There was a time in America when a worker could depend on Social Security retirement benefits to cover the basic costs of living during his/her retirement years. Those days are long gone. In fact, experts are worried that workers in their 20s and 30s may not even get any Social Security retirement benefits if something isn’t done to correct the system before they reach retirement age. If you are nearing retirement age now, however, you likely want to know how much you can expect in Social Security retirement benefits when you reach your “Golden Years.”
A better understanding of how the Social Security retirement system works helps to explain how your benefits are determined. When you receive a paycheck you have likely noticed that annoying deduction for “FICA” taxes. Those deductions are how all workers pay into Social Security and Medicare during their working years. Those deductions though, are actually used to fund Social Security retirement benefits for current retirees. The idea is that when you reach retirement age the current group of workers will be paying into the system as well which will then fund your Social Security and Medicare benefits.
The amount you will receive in benefits is based, in part, on how much you have worked during your lifetime because your benefits are all based on “work credits” earned over your lifetime. As of 2015, you earn one work credit for every $1220 in income you earn and you may earn a maximum of four work credits a year. You need 40 work credits before you are eligible for Social Security retirement benefits.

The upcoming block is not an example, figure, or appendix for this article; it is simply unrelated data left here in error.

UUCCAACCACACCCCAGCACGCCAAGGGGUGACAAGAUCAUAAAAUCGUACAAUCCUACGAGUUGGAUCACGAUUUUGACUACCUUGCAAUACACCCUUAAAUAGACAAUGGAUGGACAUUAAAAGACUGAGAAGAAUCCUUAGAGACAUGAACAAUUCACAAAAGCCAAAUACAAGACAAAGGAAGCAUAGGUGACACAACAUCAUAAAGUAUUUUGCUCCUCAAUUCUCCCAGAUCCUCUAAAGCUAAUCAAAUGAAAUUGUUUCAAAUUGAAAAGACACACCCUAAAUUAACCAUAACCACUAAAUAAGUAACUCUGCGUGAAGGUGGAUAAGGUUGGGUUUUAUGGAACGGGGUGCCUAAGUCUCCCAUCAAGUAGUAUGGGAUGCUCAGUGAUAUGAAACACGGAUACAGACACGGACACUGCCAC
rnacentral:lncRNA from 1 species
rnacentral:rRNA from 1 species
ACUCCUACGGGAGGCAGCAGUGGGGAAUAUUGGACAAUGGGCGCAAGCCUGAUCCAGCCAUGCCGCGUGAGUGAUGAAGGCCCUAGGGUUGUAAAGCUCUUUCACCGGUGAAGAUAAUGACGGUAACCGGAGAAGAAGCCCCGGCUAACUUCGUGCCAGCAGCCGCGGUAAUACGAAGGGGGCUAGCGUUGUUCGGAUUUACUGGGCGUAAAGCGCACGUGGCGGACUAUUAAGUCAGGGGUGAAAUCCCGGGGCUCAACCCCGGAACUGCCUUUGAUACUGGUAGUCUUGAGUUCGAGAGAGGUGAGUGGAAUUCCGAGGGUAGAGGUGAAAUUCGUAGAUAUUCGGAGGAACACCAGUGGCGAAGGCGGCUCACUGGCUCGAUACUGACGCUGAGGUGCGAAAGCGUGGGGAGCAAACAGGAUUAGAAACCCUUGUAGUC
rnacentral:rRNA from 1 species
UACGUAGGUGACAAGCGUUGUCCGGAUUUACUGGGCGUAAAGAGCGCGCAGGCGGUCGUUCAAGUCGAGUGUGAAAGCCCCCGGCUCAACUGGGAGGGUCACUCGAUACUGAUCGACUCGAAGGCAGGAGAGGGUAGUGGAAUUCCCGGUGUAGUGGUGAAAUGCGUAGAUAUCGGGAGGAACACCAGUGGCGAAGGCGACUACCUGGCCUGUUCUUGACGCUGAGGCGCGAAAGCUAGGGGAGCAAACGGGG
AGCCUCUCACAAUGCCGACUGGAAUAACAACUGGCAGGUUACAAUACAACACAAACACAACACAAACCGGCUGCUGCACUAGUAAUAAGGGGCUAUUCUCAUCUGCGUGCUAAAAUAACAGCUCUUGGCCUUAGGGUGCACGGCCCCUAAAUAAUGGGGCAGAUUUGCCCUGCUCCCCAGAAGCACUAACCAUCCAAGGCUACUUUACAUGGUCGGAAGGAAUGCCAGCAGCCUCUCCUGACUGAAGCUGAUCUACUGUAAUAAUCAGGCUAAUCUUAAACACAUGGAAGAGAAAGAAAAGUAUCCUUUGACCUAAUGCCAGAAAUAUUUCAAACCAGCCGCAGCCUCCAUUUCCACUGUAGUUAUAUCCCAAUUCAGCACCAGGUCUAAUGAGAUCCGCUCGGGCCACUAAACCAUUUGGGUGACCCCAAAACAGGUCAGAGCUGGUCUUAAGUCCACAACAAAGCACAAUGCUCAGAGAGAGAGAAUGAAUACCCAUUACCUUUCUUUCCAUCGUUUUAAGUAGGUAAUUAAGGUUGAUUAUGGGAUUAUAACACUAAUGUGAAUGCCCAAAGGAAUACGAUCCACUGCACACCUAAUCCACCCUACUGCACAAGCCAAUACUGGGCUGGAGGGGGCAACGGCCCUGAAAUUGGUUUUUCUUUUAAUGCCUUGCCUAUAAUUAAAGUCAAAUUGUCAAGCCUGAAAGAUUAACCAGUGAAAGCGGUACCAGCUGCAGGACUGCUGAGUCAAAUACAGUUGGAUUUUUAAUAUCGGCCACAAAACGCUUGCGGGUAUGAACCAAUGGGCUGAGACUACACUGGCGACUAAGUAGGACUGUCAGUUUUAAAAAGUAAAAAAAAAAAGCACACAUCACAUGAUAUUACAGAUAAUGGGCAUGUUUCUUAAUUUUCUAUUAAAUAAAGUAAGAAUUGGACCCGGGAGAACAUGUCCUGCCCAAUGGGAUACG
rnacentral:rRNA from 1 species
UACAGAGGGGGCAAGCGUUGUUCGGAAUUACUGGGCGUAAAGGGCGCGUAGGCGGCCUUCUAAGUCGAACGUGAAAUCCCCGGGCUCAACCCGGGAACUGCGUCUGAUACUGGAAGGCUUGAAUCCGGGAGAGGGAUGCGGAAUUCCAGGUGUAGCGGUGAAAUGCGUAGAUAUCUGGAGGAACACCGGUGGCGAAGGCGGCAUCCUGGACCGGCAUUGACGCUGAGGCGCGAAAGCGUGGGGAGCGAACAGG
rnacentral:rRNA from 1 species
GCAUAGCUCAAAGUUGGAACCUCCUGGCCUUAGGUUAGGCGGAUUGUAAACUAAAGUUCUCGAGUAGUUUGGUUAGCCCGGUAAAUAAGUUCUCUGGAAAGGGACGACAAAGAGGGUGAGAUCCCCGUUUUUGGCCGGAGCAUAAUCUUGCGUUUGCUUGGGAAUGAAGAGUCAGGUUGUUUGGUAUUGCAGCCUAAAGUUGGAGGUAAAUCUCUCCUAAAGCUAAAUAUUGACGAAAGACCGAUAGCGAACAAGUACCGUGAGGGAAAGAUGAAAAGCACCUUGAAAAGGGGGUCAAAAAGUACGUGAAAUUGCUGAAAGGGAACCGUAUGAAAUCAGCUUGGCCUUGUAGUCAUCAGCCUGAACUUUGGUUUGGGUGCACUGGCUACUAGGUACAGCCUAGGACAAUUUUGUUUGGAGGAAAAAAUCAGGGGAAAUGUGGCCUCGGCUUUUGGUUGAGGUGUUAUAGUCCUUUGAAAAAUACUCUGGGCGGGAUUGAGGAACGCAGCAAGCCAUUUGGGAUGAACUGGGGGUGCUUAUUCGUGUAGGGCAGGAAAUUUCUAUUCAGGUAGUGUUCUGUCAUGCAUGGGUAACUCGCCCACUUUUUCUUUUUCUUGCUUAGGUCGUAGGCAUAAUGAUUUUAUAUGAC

The amount you will receive in retirement benefits is based on your 35 highest earning years with a maximum monthly benefit cap of $2663 for an individual as of 2015. Assuming you take your retirement benefits at the standard age (currently around 66 or 67, depending on your year of birth) the average monthly benefit in 2015 is around $1330 for an individual and $2175 for a couple, assuming both parties are eligible for benefits. You can begin receiving benefits as early as age 62 or as late as age 70. If you elect to start benefits early you will receive a reduced monthly benefit amount whereas you will receive an increased monthly benefit of around eight percent for every year you delay your retirement up to age 70. To get a more accurate idea how much your Social Security retirement benefits will be you can use the
“Social Security Retirement Estimator” tool found on the SSA website.
If you have additional questions or concerns about retirement planning, contact the experienced Missouri estate planning attorneys at Amen, Gantner & Capriano, Your Estate Matters, LLC by calling (314) 966-8077 to schedule an appointment.